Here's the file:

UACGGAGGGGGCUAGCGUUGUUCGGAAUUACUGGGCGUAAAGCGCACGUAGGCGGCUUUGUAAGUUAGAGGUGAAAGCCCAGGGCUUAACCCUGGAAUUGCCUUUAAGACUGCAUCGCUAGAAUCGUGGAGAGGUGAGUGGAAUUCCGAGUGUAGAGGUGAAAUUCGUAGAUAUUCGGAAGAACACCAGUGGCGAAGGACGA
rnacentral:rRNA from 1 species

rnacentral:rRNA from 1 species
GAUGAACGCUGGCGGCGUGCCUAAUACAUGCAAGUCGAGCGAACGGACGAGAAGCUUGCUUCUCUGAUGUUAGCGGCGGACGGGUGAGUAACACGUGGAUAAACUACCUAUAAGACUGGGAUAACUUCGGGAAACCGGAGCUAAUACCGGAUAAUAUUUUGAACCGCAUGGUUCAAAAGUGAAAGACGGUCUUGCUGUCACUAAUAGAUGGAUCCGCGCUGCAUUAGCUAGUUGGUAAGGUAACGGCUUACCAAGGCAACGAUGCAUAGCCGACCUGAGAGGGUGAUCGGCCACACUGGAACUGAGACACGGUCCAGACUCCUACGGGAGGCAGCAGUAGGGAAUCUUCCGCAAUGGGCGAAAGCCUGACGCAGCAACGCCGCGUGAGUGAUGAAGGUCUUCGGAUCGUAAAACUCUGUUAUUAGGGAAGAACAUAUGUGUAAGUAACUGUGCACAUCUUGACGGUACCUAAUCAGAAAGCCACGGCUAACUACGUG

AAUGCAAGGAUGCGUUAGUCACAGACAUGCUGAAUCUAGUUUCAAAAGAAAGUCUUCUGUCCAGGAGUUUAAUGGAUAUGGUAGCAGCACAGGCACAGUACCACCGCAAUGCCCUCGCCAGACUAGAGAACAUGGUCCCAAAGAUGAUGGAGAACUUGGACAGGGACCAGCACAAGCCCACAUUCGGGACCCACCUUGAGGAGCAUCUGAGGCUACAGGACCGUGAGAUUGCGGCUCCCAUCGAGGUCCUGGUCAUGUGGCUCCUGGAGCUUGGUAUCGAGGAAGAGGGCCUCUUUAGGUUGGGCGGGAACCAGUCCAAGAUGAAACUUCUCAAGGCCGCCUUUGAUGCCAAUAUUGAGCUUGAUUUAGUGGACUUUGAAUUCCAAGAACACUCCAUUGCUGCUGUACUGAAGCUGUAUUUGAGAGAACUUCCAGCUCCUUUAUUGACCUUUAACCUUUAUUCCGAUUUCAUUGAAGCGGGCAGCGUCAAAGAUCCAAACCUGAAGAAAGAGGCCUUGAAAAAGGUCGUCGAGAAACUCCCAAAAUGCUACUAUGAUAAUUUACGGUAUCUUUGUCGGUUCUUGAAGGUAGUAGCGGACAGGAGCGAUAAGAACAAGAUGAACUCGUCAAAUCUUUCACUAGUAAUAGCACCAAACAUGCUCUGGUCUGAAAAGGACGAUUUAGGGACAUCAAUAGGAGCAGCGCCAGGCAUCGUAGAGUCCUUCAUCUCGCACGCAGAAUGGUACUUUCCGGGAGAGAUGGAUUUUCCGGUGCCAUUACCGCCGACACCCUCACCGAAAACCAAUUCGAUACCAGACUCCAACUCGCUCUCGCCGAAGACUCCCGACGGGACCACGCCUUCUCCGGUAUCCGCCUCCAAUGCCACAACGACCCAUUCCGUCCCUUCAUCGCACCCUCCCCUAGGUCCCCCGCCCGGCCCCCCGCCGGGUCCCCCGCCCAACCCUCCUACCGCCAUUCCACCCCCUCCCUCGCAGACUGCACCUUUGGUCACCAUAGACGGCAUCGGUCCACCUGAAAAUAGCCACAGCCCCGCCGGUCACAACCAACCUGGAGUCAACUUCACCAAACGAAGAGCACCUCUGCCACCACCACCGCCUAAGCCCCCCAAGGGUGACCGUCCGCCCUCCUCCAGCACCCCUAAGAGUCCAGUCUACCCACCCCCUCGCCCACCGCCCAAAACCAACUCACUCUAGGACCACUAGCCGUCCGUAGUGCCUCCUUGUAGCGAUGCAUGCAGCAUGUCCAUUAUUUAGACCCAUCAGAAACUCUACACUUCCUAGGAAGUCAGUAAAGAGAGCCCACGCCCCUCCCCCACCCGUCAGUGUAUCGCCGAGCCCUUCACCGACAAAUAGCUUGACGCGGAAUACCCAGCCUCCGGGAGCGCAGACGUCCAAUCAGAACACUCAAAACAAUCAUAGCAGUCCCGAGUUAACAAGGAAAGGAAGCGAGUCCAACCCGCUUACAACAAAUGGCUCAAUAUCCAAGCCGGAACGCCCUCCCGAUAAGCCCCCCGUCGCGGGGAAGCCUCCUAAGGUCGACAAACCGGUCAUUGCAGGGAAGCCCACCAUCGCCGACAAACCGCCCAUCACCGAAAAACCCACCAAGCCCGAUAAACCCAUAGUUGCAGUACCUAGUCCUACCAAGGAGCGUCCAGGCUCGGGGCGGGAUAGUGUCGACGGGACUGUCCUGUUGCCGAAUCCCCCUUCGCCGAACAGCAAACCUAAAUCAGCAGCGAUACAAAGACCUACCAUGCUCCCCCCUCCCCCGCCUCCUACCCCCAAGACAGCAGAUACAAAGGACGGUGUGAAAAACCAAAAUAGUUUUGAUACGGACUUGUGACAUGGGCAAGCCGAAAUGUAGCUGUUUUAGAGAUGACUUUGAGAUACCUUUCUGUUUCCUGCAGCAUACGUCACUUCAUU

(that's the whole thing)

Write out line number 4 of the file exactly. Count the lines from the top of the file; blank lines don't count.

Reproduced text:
GAUGAACGCUGGCGGCGUGCCUAAUACAUGCAAGUCGAGCGAACGGACGAGAAGCUUGCUUCUCUGAUGUUAGCGGCGGACGGGUGAGUAACACGUGGAUAAACUACCUAUAAGACUGGGAUAACUUCGGGAAACCGGAGCUAAUACCGGAUAAUAUUUUGAACCGCAUGGUUCAAAAGUGAAAGACGGUCUUGCUGUCACUAAUAGAUGGAUCCGCGCUGCAUUAGCUAGUUGGUAAGGUAACGGCUUACCAAGGCAACGAUGCAUAGCCGACCUGAGAGGGUGAUCGGCCACACUGGAACUGAGACACGGUCCAGACUCCUACGGGAGGCAGCAGUAGGGAAUCUUCCGCAAUGGGCGAAAGCCUGACGCAGCAACGCCGCGUGAGUGAUGAAGGUCUUCGGAUCGUAAAACUCUGUUAUUAGGGAAGAACAUAUGUGUAAGUAACUGUGCACAUCUUGACGGUACCUAAUCAGAAAGCCACGGCUAACUACGUG